Photovoltaic Cells

Photo or Photovoltaic Cells

(Formerly known as Solar Cells)

*Important: The syllabus updated to reflect the new terminology of solar cells, you MUST use the term photovoltaic in order to be marked correct*


1.) Free electrons from the n-type semiconductor flow to the positive holes in the p-type
2.) Charges develop on the edges between the n and p type semiconductors due to excess
and deficiency of electrons. This area is known as a depletion zone and an electric
field develops
3.) A negative charge develops on the p type semi conductor and a positive charge develops on the n type conductor. HOWEVER, the electrons cannot flow from n-type to the junction and out the p-type and neither can electrons flow from the p-type through the junction (as it will just neutralise the electron hole pair).
4.) An incidence light beam (photon) hits an n-type (we will only discuss n-i-p photovoltaic cells), liberating an electron and a hole. The hole will migrate to the depletion zone whilst the electron as it has greater amounts of energy accelerates through the conductor.
5.) The electron will perform work on a load and return to the circuit through the p-type semiconductor, where it will move to the depletion zone and neutralise with a hole.


Photovoltaic cells come in two types:
n-i-p type and p-i-n types. The new syllabus has not reflected the change to p-i-n types, although both work in a very similar way. (It is more about efficiency).


In a photovoltaic cell, the cell will consist of two semi-conductors, separated by a depletion zone. Be warned, although it appears there is a gap there is in fact NO GAP between the two semi-conducting materials (as seen in jacaranda). It is in fact a representation of the depletion zone that exists between the two materials. When two semiconductors of n-type and p-type join, the initial rush of electrons from the n-type move towards the p-type produces an electrical field. A depletion zone forms as the donor electrons from the n-type semi conductor move to fill in the 'holes' of the p-type semi-conductor. As the electrons move to the p-type semi-conductor it will then produce a net charge across field, resulting in a negatively charged p-type semiconductor and a positively charged type n-type semiconductor.
This field is an exertion of two states, the 'holes' of the p-type vs the free electrons of the n-type and the ions left over from donor electrons moving to the acceptor semi-conductors.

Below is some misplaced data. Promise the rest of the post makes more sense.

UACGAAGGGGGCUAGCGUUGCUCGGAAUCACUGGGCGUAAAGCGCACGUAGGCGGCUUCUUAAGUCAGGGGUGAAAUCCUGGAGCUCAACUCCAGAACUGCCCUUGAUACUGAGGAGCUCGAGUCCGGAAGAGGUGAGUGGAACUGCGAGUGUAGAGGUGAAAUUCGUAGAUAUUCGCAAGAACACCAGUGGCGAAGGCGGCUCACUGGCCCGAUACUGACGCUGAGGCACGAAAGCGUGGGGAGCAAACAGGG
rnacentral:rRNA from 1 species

Because of this depletion zone, the movement of n-type donor electrons gets harder and harder until it forms an equilibrium between the two semi-conductors. It is then known that a voltage applied now as negative on the n-type and a positive on the p-type, a current will flow as the electrons will be liberated across the junction and flow naturally through the n-type and fill the resulting holes in the p-type after completing the circuit. This property is useful in diodes (which are used to rectify an AC current) or in photovoltaic cells, which take advantage of the photoelectric effect as well.

The photoelectric effect on photovoltaic cells

Photovoltaic cells work on much the same principal as a diode does. In fact a light emitting diode will produce a current in reverse as it uses the same principle, only working backwards.
As mentioned above it uses the n-i-p state and relies on the n-p junction.
In photovoltaic cells, the n-i-p junction works by facing the solar cell upwards so that the n-type semi conductor faces the sun. The incident photon can strike anywhere on the the silicon crystal but backwards current cannot flow past the n-p junction. This is because of the bias placed on the depletion zone. The depletion zone only allows electrons to flow out of the n-type silicon lattice whilst the holes move towards the negative p-type, if an electron hole pair is freed in the p-type semi-conductor, the electron will move the n-type lattice.

To answer questions on whether the incident photon hits the n or p type layer, the answer is that it doesn't necessarily matter and the principle applies to produce a current in the reverse bias current direction. The problem is that incident photons hitting the p-type material past the junction will meet more resistance and thus will have less energy (as it has to travel through the p and n-type layers).